Iran Leader wants to debate Bush

Reply Tue 29 Aug, 2006 05:59 pm

TEHRAN, Iran (CNN) -- Iranian President Mahmoud Ahmadinejad has called on U.S. President George W. Bush to participate in a "direct television debate with us," so Iran can voice its point of view on how to end problems in the world.

"But the condition is that there can be no censorship, especially for the American nation," he said Tuesday.

The White House called the offer to debate Bush a "diversion" from international concerns over Iran's nuclear program, Reuters reported.

During a news conference in Tehran, Ahmadinejad also blamed "special concessions" granted to the United States and Britain as "the root cause of all the problems in the world."

"At the Security Council, where they have to protect security, they enjoy the veto right. If anybody confronts them, there is no place to take complaints to."

His comments came two days before a deadline set by a U.N. Security Council resolution for the Islamic republic to suspend uranium enrichment or face possible sanctions.

Although he did not directly address the U.N. deadline, Ahmadinejad said '"nobody can prevent" Iran from its right to a "peaceful, nuclear program."

"I think the time has passed to speak of the Security Council and the tools they can use to force a country to do certain things," he said.

Ahmadinejad said he would reject any suspension of enrichment, even if requested by U.N. Secretary-General Kofi Annan during an upcoming visit to Iran. (Full story)

Iran has until Thursday to agree to halt the enrichment program, which Tehran maintains is part of a civilian nuclear program to generate power.

Asked about Ahmadinejad's comments, U.S. ambassador to the U.N. John Bolton said Washington and its European allies are moving forward with sanctions against Iran.

"We have made it clear unless we get an unequivocal acceptance of that condition in the Security Council resolution, that sanctions would follow," Bolton said.

"That condition by the way is not something the United States has imposed. That condition is what the European-3 have been operating under since the outset of their negotiations."

Western nations accuse Iran of seeking to master technology to produce nuclear weapons.

The U.N. Security Council resolution, approved on July 31, would pave the way for the Tehran regime -- if it complies -- to receive financial incentives.

The United States has also held out the possibility of resuming direct contacts with Iran, more than 25 years after the two countries broke off diplomatic relations.

Last week, Tehran offered to resume negotiations about its nuclear program but did not agree to halt uranium enrichment before any talks take place. (Full story)

If the Iranians do not accept the U.N.'s incentives offer by Thursday, the Security Council will discuss a resolution proposing economic sanctions on Iran.

While such a move is backed by three of the council's permanent members -- the United States, Britain and France -- the two others, Russia and China, have been cool to the idea and could use their veto to block a sanctions resolution.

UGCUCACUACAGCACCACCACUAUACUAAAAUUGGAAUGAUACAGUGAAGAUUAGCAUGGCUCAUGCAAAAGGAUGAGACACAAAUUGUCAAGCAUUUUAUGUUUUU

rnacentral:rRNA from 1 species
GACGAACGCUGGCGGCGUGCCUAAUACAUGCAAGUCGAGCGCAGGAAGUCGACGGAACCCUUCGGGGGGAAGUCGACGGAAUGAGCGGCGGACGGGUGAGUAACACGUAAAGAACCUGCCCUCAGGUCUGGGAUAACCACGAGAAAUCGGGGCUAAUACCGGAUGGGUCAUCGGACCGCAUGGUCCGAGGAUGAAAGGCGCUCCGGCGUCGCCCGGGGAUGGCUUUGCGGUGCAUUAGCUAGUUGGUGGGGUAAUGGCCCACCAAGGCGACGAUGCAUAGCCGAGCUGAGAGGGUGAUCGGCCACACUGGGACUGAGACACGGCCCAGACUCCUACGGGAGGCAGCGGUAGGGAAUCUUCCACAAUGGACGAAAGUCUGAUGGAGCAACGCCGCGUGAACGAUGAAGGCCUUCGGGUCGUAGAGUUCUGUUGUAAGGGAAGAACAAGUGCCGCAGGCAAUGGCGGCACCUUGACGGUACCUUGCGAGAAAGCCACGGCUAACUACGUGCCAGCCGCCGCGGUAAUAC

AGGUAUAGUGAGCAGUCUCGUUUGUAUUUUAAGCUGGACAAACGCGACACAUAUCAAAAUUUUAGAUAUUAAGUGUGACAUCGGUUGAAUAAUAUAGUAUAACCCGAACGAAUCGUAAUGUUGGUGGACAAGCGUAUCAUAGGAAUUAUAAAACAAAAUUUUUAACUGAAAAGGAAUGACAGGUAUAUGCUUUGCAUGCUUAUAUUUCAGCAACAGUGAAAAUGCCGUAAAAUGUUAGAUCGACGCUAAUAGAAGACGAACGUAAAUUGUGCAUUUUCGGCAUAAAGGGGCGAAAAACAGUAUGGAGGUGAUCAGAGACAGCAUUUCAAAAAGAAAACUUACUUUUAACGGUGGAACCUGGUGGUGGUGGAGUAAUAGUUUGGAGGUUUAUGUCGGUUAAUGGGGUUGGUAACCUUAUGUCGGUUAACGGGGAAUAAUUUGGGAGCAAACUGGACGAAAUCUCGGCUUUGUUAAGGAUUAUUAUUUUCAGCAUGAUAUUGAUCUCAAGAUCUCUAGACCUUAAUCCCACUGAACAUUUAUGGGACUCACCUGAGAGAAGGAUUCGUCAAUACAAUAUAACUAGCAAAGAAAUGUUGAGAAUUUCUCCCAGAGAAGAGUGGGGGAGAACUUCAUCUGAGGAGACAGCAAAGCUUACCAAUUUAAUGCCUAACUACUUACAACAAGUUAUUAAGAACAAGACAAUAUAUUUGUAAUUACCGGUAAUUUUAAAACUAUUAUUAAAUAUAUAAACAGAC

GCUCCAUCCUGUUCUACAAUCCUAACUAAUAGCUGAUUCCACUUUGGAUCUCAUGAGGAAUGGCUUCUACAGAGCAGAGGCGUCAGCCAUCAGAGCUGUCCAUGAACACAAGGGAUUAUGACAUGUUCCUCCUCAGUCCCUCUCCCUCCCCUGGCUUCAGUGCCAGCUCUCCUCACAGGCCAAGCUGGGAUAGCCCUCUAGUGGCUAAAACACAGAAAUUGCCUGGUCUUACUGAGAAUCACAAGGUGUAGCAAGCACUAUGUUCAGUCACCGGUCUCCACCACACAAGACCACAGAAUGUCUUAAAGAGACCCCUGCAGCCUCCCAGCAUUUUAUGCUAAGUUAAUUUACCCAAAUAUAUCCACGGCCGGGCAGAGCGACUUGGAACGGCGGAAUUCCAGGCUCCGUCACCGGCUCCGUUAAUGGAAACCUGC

Meanwhile, a senior Iranian official on Tuesday invited Western companies to bid for tenders to build nuclear plants, The Associated Press reported from Kuala Lumpur, Malaysia.

"We have had ... another 21 thousand megawatts of nuclear power plants approved by the parliament that will be built in the next 20 years," Seyed Ala'addin Barojerdi, chairman of Iran's Parliament National Security and Foreign Affairs Commission, was quoted as saying.

"(The) international tenders for building of two of these nuclear power plants have been so far presented and we would be willing to see the Western companies participate in these projects," he said.

Western nations have been closely watching developments in Iran's nuclear program for signs of compliance. In recent days, Tehran has made public displays of new technologies and facilities.

On Sunday, state television reported that Iran test fired a long-range, radar-evading missile from a submarine in the Gulf as part of war games that began earlier this month. (Full story)

Some analysts interpreted the test and war games as thinly veiled threats that Iran could disrupt vital oil shipping lanes if pushed by an escalation in the nuclear dispute, according to Reuters.

A day earlier, Ahmadinejad officially opened a heavy-water production plant that he said would serve medical, agricultural and scientific needs. (Full story)

Video broadcast on Iranian television showed the president touring the plant in the central Iran city of Arak along with Gholamreza Aghazadeh, the head of Iran's Atomic Energy Organization.

Heavy water is used in preparing uranium for nuclear weapons, but it is also useful for medical purposes, such as nuclear magnetic resonance imaging, according to Reuters.

"No one can deprive a nation of its rights based on its capabilities," the agency quoted Ahmadinejad as saying in his speech to inaugurate the project.
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